A few more interesting tidbit about the Amish

Happy Tuesday, readers,

Today I’m trying to catch up on writing before the national ACFW conference in Indianapolis. But I’ve rather neglected my blog lately! I wanted to share a few more interesting facts that I learned from Linda Hitchcock from Glascow, Kentucky. Linda helped me tremendously while I was researching the Old Order Mennonites for A Little Bit of Charm. Many of the Amish farmers in Linda’s area have started growing strawberries commercially, while others have built hothouses to extend their growing season. Frequently raised vegetables are rhubarb, squash, tomatoes, potatoes, and pepper varieties. Here’s a photo of me standing in a field of soybeans. OLYMPUS DIGITAL CAMERA

Also I learned about another way the Amish make a living–bookmaking. A cobbler near Sheridan makes gorgeous, fit-like-a-glove leather boots. The boot-maker traces the customer’s feet for the pattern and sets to work. Then you go back a second time to pick them up. They won’t be cheap, but they also won’t hurt your feet.

I hope you’re all enjoying these warm days. It’s finally summer in Ohio! And the calendar says practically fall. Happy reading!  Mary

A visit back to Kentucky

Happy Monday, readers. I just heard from my friend and research contact to the Amish of Kentucky, Linda Hitchcock. She just came home from a trip to Simpson and Allen Counties. Not only did she discover a wide variety of produce, but some downright great bargains such as hand-woven straw hats for 6.00, and pickles, jams, jellies and relishes at $2.75 each. And the vendors were the friendliest she’d ever met. Besides watermelon rind pickles and chow-chow, they had “moonshine” jelly, brightly-colored pepper jellies, and jams with eye-catching names like TOE Jam, TRAFFIC Jam and FROG Jam. TOE has tangerine, orange and elderberry; traffic a mixed variety and FROG includes figs, raspberries, orange and ginger. While shopping, Linda was told that “Amish vendors must do something different to stand out these days.” The jam Linda purchased came from Spring Valley Farms, owned by the Habegger Family. Their label says: “Old Fashioned, All-Natural Home-Style Canning”. There’s a little circle which says “Preserving the Past” and a picture of two draft horse heads on the labels. The Habegger started making sorghum molasses in the mid-1960’s and has farms in both Holland, KY and Caneyville, KY.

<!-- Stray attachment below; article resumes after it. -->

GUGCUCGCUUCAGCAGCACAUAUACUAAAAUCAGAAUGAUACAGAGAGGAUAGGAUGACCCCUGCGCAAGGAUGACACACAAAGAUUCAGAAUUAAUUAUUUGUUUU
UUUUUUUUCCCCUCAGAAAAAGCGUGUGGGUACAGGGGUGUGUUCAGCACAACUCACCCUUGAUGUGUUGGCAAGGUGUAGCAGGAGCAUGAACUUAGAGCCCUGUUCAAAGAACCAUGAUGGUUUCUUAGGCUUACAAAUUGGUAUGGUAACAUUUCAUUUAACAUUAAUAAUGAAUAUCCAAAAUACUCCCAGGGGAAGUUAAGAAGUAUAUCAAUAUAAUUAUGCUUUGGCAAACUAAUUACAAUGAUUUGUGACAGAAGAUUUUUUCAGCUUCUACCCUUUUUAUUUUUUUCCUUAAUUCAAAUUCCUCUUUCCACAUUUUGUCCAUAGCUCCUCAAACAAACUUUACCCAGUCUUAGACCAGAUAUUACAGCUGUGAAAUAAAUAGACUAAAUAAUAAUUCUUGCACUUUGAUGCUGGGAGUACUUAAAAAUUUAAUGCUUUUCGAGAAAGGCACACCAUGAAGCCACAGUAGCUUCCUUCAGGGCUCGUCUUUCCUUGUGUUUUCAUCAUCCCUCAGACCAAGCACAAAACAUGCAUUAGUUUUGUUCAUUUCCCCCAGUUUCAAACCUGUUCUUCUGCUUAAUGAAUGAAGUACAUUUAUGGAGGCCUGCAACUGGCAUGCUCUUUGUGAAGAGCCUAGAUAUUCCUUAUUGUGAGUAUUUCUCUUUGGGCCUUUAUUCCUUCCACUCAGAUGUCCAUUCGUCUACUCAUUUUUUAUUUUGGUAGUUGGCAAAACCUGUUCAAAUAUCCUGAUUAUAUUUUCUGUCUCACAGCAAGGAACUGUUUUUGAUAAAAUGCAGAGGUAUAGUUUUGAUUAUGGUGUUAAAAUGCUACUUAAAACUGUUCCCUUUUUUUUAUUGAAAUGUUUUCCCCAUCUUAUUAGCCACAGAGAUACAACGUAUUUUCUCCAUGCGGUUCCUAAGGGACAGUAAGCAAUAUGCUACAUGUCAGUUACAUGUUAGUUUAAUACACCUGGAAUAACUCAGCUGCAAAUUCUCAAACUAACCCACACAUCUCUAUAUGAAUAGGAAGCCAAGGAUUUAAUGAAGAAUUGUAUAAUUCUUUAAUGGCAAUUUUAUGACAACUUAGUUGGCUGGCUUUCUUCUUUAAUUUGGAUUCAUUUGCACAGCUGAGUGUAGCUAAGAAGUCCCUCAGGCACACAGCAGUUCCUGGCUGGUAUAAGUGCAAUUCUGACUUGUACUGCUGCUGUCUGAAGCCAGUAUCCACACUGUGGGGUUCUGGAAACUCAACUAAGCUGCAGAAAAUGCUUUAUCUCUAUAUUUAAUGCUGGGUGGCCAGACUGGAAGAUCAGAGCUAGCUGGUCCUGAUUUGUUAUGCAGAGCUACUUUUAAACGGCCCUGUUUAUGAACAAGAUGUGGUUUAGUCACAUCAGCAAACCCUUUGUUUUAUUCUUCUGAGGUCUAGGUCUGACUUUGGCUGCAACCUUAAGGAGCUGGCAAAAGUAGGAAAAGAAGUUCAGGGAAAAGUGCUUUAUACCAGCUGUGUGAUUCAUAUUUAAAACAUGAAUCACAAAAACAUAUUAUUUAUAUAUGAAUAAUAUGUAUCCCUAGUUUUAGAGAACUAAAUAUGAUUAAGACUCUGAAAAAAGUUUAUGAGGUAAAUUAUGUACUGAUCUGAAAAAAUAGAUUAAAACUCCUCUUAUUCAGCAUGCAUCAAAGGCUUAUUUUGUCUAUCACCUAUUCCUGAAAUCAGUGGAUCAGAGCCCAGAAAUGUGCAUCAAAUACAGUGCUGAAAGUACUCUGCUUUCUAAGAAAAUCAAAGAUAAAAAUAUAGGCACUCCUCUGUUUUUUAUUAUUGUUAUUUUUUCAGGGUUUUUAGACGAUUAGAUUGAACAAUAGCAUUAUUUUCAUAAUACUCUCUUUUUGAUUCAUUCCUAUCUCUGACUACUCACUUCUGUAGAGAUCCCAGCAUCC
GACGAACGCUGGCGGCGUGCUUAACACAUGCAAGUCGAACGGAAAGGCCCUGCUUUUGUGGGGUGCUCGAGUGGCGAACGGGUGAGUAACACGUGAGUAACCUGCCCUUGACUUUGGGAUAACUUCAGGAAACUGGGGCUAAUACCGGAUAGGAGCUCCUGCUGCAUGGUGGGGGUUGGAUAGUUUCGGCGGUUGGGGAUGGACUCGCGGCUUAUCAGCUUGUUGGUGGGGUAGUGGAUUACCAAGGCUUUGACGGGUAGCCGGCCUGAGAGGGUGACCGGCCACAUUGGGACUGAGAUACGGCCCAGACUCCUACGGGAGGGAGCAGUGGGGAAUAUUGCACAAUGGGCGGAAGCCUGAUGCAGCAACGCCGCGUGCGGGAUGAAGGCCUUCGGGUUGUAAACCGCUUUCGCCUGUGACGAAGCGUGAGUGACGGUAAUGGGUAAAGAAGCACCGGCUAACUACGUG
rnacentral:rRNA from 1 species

Linda also learned that you can no longer purchase eggs from produce stands in KY unless they have refrigeration. And have you heard the term, “women of color” used in describing us outsiders? Linda learned it the other day. It doesn’t mean skin color, rather women who wear colorful clothing instead of the drab Amish attire.

I enjoyed meeting Linda while researching the Old Order Mennonites and Amish of KY in preparation to write A Little Bit of Charm. Thanks, Linda, for a look back at a beautiful part of the US of A.  Have a great week, readers. Mary

Little Bit of Charm, A